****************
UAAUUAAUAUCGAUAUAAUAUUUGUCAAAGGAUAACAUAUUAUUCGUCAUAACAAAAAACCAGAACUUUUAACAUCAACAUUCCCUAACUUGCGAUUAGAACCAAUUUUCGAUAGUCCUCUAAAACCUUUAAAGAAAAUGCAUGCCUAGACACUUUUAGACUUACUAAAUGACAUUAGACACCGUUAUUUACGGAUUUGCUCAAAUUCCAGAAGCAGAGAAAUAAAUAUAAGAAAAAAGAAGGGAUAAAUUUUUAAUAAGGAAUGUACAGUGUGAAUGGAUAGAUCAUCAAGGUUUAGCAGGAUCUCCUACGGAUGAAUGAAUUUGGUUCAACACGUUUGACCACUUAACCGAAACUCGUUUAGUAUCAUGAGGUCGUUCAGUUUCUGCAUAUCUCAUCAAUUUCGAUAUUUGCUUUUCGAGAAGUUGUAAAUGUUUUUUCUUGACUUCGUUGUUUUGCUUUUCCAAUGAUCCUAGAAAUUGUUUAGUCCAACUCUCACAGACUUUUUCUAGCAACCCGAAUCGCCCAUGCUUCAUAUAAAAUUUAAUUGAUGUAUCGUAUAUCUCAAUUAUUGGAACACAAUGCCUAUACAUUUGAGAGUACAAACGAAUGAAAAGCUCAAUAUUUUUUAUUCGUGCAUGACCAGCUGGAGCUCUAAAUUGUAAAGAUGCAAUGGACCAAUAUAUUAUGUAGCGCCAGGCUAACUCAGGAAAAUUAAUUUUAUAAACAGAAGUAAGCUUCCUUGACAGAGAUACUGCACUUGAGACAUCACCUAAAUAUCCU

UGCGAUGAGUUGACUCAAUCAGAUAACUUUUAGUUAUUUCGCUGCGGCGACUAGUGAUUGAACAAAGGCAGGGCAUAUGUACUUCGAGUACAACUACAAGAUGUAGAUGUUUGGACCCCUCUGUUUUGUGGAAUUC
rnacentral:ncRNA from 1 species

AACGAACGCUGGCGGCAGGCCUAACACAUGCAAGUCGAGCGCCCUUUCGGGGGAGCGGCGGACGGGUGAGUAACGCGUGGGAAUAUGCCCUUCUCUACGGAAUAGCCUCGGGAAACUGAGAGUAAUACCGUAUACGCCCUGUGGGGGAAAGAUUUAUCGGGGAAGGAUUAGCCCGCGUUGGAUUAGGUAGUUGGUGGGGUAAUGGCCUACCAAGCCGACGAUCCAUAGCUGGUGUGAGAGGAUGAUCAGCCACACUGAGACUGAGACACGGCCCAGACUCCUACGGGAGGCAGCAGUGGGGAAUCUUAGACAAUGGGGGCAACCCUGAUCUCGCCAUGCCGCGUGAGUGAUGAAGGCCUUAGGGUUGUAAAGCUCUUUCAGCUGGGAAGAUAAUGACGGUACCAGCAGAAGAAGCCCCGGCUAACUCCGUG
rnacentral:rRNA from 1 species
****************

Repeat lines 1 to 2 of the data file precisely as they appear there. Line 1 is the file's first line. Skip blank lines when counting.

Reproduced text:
UAAUUAAUAUCGAUAUAAUAUUUGUCAAAGGAUAACAUAUUAUUCGUCAUAACAAAAAACCAGAACUUUUAACAUCAACAUUCCCUAACUUGCGAUUAGAACCAAUUUUCGAUAGUCCUCUAAAACCUUUAAAGAAAAUGCAUGCCUAGACACUUUUAGACUUACUAAAUGACAUUAGACACCGUUAUUUACGGAUUUGCUCAAAUUCCAGAAGCAGAGAAAUAAAUAUAAGAAAAAAGAAGGGAUAAAUUUUUAAUAAGGAAUGUACAGUGUGAAUGGAUAGAUCAUCAAGGUUUAGCAGGAUCUCCUACGGAUGAAUGAAUUUGGUUCAACACGUUUGACCACUUAACCGAAACUCGUUUAGUAUCAUGAGGUCGUUCAGUUUCUGCAUAUCUCAUCAAUUUCGAUAUUUGCUUUUCGAGAAGUUGUAAAUGUUUUUUCUUGACUUCGUUGUUUUGCUUUUCCAAUGAUCCUAGAAAUUGUUUAGUCCAACUCUCACAGACUUUUUCUAGCAACCCGAAUCGCCCAUGCUUCAUAUAAAAUUUAAUUGAUGUAUCGUAUAUCUCAAUUAUUGGAACACAAUGCCUAUACAUUUGAGAGUACAAACGAAUGAAAAGCUCAAUAUUUUUUAUUCGUGCAUGACCAGCUGGAGCUCUAAAUUGUAAAGAUGCAAUGGACCAAUAUAUUAUGUAGCGCCAGGCUAACUCAGGAAAAUUAAUUUUAUAAACAGAAGUAAGCUUCCUUGACAGAGAUACUGCACUUGAGACAUCACCUAAAUAUCCU

UGCGAUGAGUUGACUCAAUCAGAUAACUUUUAGUUAUUUCGCUGCGGCGACUAGUGAUUGAACAAAGGCAGGGCAUAUGUACUUCGAGUACAACUACAAGAUGUAGAUGUUUGGACCCCUCUGUUUUGUGGAAUUC